Uli Hoeneß is back in the limelight at FC Bayern and has more responsibility. The honorary president wants to close the ranks, which applies above all to Lothar Matthäus. His counterattack follows quickly.
EHonorary President Uli Hoeneß sees the internal club quarrels at FC Bayern Munich as over after the turbulent end of the season. “The club has calmed down, it’s totally quiet,” said Hoeneß on the sidelines of a benefit game in Weissach am Tegernsee on the TV channel Sky.
You will also ensure that from now on less internals leak out. In this context, Hoeness also explicitly named Lothar Matthäus, who works for Sky as an expert and columnist. In the direction of the long-time Bayern professional, he said: “Lothar will also get less information in the next twelve months because we will cut off his channels.”
Matthäus had repeatedly criticized Bayern during the past season. Above all, he had repeatedly criticized the lost “Mia-san-mia” feeling within the club. Matthäus also clashed publicly with ex-Bayern bosses Oliver Kahn (53) and Hasan Salihamidzic (46).
The 62-year-old reacted to the latest accusation from Hoeneß with a lot of incomprehension. “I never received any information from FC Bayern. I see things on the pitch, I talk to people,” Matthäus told BILD: “I talk about what I perceive. But I didn’t get anything. That statement is nonsense to me, sorry.” I can see that the Munich team “isn’t working or the atmosphere is bad”.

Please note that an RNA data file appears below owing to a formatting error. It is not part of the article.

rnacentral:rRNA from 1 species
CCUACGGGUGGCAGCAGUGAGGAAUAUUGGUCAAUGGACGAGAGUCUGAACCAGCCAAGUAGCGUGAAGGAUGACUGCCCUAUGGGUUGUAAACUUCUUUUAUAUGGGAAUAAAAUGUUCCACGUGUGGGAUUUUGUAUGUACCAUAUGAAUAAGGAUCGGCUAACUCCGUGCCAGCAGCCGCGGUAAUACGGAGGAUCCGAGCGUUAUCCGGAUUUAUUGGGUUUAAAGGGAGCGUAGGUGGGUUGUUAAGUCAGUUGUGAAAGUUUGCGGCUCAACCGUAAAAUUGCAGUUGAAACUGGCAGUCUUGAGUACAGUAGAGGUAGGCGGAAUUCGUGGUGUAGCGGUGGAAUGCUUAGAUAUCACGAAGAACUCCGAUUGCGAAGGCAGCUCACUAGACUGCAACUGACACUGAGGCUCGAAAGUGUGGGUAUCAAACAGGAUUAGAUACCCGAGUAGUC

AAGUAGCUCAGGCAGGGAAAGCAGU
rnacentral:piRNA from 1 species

Most recently, he wrote in his Sky column: “Even at FC Bayern, the personnel carousel is certainly turning more clearly than one or the other can already see today. I can well imagine four or five players leaving FC Bayern. And there can very well be someone who nobody expects. Yes, also German national players.”
“I’m very worried about what’s coming out of Saudi Arabia”
Hoeneß should know more about that. According to his own statements, the 71-year-old is also fully involved in the squad planning for the coming season. “We sit down once a week with the big circle that discusses all things,” he said. So far the meetings have gone “very well”. “The things we do are not discussed in public, but in a small circle and that’s good for the cause,” said Hoeneß, who, like long-standing CEO Karl-Heinz Rummenigge, advises the club as a member of the supervisory board on transfers: “Karl -Heinz and I have promised that we will help until we have filled the positions that are to be filled.”
In the case of future transfers, the club would have to find other ways due to the financial pressure from Arab countries, said Hoeneß. “I’m very worried about what’s coming from Saudi Arabia, they seem to have endless money,” said the 71-year-old, referring to Champions League winners Manchester City. The club is owned by the City Football Group, which is majority-owned by the ruling family of the Arab Emirate of Abu Dhabi. Hoeneß: “It won’t be easy for the next ten years.”